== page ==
Giving In The Old Testament
It would seem that every Christian would want to
know what the Bible teaches about giving. Most of us receive far
more appeals to give to "good causes" than we have finances
to support. In addition, financial and moral scandals in respected
ministries have produced frustration and disappointment to
previously faithful supporters. A clear understanding of Godís
teaching on giving would enable any Christian the guidance to give
with confidence and joy.
Giving in the Old Testament can be classified
under the two areas: Tithes and Offerings. A tithe means one tenth.
It refers to the giving Ėor payingóof 1/10 of oneís increase
financially or materially. Offerings would include (1) all offerings
made to God on an altar (2) free-will offerings for special projects
and (3) alms gifts to the poor.
Offerings Made To God On An Altar
These would include offerings from both the
animal and vegetable kingdom from the days of Cain and Abel forward.
The purposes of these offerings were to either:
1. Receive forgiveness and purification from sin or
2. Express worship and the desire to enter into fellowship with
Free Will Offerings
These were voluntary offerings for any purpose
the giver felt worthy of supporting with a contribution. The two
most outstanding examples were gifts for the construction of the
Tabernacle and, later, for the Temple.
God had given Moses the patterns for the
tabernacle and the priesthood. The time arrived to produce all these
things. Moses called for a free will offering. "This is the thing
which the Lord commanded, saying, ĎTake from among you an offering to the LORD: whoever is of a willing heartÖ" Exodus
35:4,5. "Then everyone came whose heart was stirred and everyone whose
spirit was willing, and they brought the LORD'S offering for the
work of the tabernacle of meeting, for all its service, and for the holy
garments." Exodus 35:21. The end result was that those who received the
offering said to Moses, "The people bring much more than
enough for the service of the work which the Lord commanded us to
do" (36:5). So the people had to be restrained from giving
because they gave too much. Most preachers today would probably say,
"That would be a delightful problem."
For an even more impressive example of free will
offerings read about the offering for the Temple in 1st Chronicles 29.
Tithes Before The Mosaic Law
The first record of tithing in the Bible is
Abraham. A powerful king from the East, named Chedorlaomer, led a
coalition army that defeated five kings around the southern tip of
the Dead Sea. In the process they plundered the cities and took the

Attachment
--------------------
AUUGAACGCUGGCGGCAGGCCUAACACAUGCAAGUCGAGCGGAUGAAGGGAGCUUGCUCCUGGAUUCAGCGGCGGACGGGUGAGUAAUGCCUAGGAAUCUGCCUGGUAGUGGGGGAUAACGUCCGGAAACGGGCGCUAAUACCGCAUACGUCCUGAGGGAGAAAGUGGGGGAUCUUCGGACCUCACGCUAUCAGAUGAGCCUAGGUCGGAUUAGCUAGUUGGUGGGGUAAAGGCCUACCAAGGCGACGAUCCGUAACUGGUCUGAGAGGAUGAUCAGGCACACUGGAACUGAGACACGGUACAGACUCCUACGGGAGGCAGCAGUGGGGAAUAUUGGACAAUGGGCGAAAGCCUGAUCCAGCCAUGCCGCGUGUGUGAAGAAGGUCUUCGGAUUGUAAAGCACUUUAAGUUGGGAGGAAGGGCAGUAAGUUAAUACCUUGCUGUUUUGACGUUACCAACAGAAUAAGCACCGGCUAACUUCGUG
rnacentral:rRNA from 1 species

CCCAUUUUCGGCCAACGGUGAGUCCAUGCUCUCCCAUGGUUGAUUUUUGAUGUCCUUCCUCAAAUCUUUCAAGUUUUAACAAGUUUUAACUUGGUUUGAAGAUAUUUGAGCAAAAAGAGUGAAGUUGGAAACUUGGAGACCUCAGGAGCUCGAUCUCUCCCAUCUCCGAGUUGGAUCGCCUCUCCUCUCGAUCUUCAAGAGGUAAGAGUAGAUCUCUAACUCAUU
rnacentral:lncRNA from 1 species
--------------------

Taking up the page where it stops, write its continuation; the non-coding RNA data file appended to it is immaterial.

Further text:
survivors captive. Captured was Abrahamís nephew, Lot, and his
family. Abraham armed 317 of his servants and led a pre-dawn
guerrilla raid that defeated the invaders; freed the captives, and
enriched Abraham with priceless plunder. On his way back home
Abraham was met by Melchizedek, king of Salem and priest of God Most
High. Melchizedek provided bread and wine and blessed Abraham. "And
he [[Abraham] gave him a tithe of all." Genesis
14:18-20. What makes this so significant is that the New Testament
book of Hebrews is based on this experience:
- From the facts given in Genesis, Melchizedek was a type
[picture] of Christ ---if not the pre-incarnate Christ. ". .
.First being translated 'king of righteousness' and then also. .
.king of peace, without father, without mother, without genealogy,
having neither beginning of days nor end of life, but made like
the Son of God, remains a priest continually." Hebrews
- To the above facts the writer of Hebrews quotes the oath of
God to His Christ in Psalm 110:4 "The LORD has sworn and will
not relent, You are a priest forever according to the
order of Melchizedek." Hebrews 7:17.
The shocking consequences of all this is that
the Levitical priesthood of the Mosaic covenant has been replaced
by the high priesthood of Jesus Christ Who has been made a high
priest forever after the order of Melchizedek. (See Hebrews
7:12-19) In regard to tithing we find in Romans 4:1 that Abraham
was justified by faith so that "he might be the father of all
who believe without being circumcised." That includes all
believing Gentiles of the church age. At the very least we have an
example of "the Father of all who believe" giving tithes to the
priest "after the order of Melchizedek."
The second example we have of tithing
before the Mosaic law was that of Jacob. Jacob had been told by
his father Isaac, to return to his relatives in the land of Haran
to seek a wife. On Jacobís first night out he chose a stone for a
pillow and slept under the canopy of the stars. While sleeping he
had a vision of a ladder reaching from earth to heaven with angels
ascending and descending on it. The LORD God appeared above the
ladder and confirmed the Abrahamic covenant to Jacob and promised
to be with Jacob until He had completed all His promises to him. "Then
Jacob made a vow, saying, "If God will be with me and will keep me
in this way that I am going, and give me bread to eat and
clothing to put on so that I come back to my fatherís house in
the LORD shall be my God. And this stone, which I have set as a
pillar, shall be Godís house; and of all that You give me I
will surely give a tenth to You." Genesis 28:20-22. We
presume that Jacob faithfully fulfilled his vow although his
motivation left considerable room for improvement. What we learn
from Jacobís financial agreement with God is that God did
abundantly bless him materially in spite of his Uncle Laban doing
everything he could to suppress his prosperity. When Jacob
returned to his homeland twenty-one years later he had another
meeting with God just before crossing the Jordan into Canaan. One
of the things he said to the LORD was, "I am not worthy of
the least of all the mercies and of all the truth which You have
shown Your servant; for I crossed over this
Jordan with my staff, and now I have become two companies." Genesis 32:10.
Jacob was clearly stating that God had kept His side of the
agreement by citing the evidence that when he left home the only
possession he had was a crooked stick and he is now returning with
two companies of sheep, goats, camels, rams, mules, and servants.
Giving Under The Mosaic Law
The Levitical Priesthood
To understand giving under the law we must
understand the structure of Israelís priesthood because giving to